The Importance of Healthy Christianity #1 ©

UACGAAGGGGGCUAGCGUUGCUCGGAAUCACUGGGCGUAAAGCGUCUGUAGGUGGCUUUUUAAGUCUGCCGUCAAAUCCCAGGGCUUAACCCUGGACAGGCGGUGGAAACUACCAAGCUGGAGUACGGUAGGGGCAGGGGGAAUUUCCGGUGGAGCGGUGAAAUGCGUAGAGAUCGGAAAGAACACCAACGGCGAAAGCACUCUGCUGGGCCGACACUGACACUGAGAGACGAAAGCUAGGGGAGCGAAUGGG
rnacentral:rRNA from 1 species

The unsigned letter was found with the bodies. “If nobody understands, it does not matter. I am ready to die now. Darkness settles over Jonestown on its last day on earth.” (from the RollingStone article: 13 Things You Should Know About Cult Massacre) Its meaning when paired with the reality of what took place is almost unimaginable, unspeakable. What we do know is an outline of the plain facts of the event. On Nov. 18, 1978, the self-anointed Rev. Jim Jones led his followers, members of the San Francisco-based People’s Temple, ensconced at a secluded jungle settlement in Guyana to committed mass suicide by drinking a cyanide laced punch. More than 900 people died in that forlorn jungle that day, including at least 304 who were 17 or younger. Representative Leo Ryan, whose congressional district included the Peoples Temple, along with several members of his staff were murdered by Jones’ guards. One of the survivors of the Peoples Temple Massacre, Laura Johnstone Kohl, perceptively commented to RollingStone, “We – all of us – were doing the right things but in the wrong place with the wrong leader.” Those words “we were doing the right things but in the wrong place with the wrong leader” should rightly haunt us. In our day, there is much made of pursing orthopraxy, that is “right practice.” Right belief (“orthodoxy”) is dismissed by some under the clouds of tolerance and pluralism. But consider more of the Jamestown tragedy. Jim Jones was deeply influenced by the ministry of a man who called himself “Father Divine.”  Back in the early part of the 20th century, “Father Divine” drew huge crowds and many saw him as God. Jones himself later went so far as to claim “he was the reincarnation of” Father Divine.”  Jones served for a time as a Methodist “student pastor at the Somerset Southside Methodist Church” in Indiana in 1952.  According to Wikipedia, he “later claimed he left that church because its leaders barred him from integrating blacks into his congregation.” Reality reports a different story. While his practice of the Christian faith had a deeply loving multi-ethic component, Jim Jones failed both theological and psychological assessments (being ultimately rejected by the local Committee on Ministry in the Methodist Church). His mental illness led to a messiah complex and destructive paranoia despite good intentions. The lack of coherence in his theology fed the egomania and psychological illness. Instead of the orthodox creedal affirmation that Jesus is Lord, he substituted himself for Christ. Warped belief birthed horrific practice. Is the Jim Jones Guyana case an extreme example of unhealthy Christianity?  To be sure, but it also serves as both a guide and a warning. Right belief and right practice go together. In his probing work, Bad Religion: How We Became a Nation of Heretics, Ross Douthat perceptively writes: “America’s problem isn’t too much religion, or too little of it.  It’s bad religion: the slow-motion collapse of traditional Christianity and the rise of a variety of destructive pseudo-Christianities in its place.” (Ross Douthat, Bad Religion, p. 3) Pause and consider the impact of a version of Christianity kidnaped by either the right wing of the Republican Party or the left wing of the Democratic party. However good our political parties, Jonestown massacre survivor Laura Johnstone Kohl words about following the “wrong leader” echo into our modern reality. Cast the mind’s eye on rising popularity of the prosperity gospel (a heretical flower that blooms like a perennial). Wrong belief in the prosperity gospel lead to actions corrupted by greed and distorted faith built on shifting sand.  Consider the almost ludicrous and massive historical inaccuracies of saga’s like Dan Brown’s The Da Vinci Code. It distorts beyond recognition the historic Christian faith. Or reflect on the culturally popular phrase “spiritual but not religious,” which has led the millennial generation to one of the loneliest generations in human history. Each point to the high price of diseased religion, and more specifically, of diseased Christianity. The hard truth is that orthodoxy (right belief) and orthopraxy go together. They are ultimately inseparable. It is here at the juncture of reclaiming a healthy Christianity that we must lean into the teaching of the Apostle Paul. The Apostle Paul writes the infant new born church in bustling Roman regional city called Philippi, “Most important, live together in a manner worthy of Christ’s gospel. Do this, whether I come and see you or I’m absent and hear about you. Do this so that you stand firm, united in one spirit and mind as you struggle together to remain faithful to the gospel.” (Philippians 1:27) To the best of my knowledge, only one other time does the Apostle Paul use the phrase “of most import” or “of first importance” or some other equivalent. The other occasion is found in 1 Corinthians 15, the third and fourth verses when he writes to a letter to the church at Corinth. “I passed on to you as most important what I also received: Christ died for our sins in line with the scriptures, he was buried, and he rose on the third day in line with the scriptures.” (1 Corinthians 15:3-4) On that occasion, he writes of a central, core, cardinal doctrine (that means “teaching”) of the Christian faith – the doctrine of the resurrection of Christ. He spends a chapter arguing that if you don’t buy the doctrine of resurrection, you can throw the rest of this away; it is a waste of your time – “If Christ hasn’t been raised, then your faith is worthless;” he write a few short verses later, “you are still in your sins, and what’s more, those who have died in Christ are gone forever. If we have a hope in Christ only in this life, then we deserve to be pitied more than anyone else.” (1 Corinthians 15:17-19) There, in 1 Corinthians 15, the issue is of critical belief – doctrinal importance (orthodoxy = right belief). In this passage from Philippians, the issue is of critical practice – the way we live (the technical term is orthopraxy). The two – orthodoxy (right belief) and orthopraxy (right practice) are inseparably linked. Break one and the other soon will fail. This then is at the heart of our calling from the resurrected and living Lord! The importance of a healthy Christianity can scarcely be doubted. Today, we live with a desperate need for a healthy Christianity.  More to come ….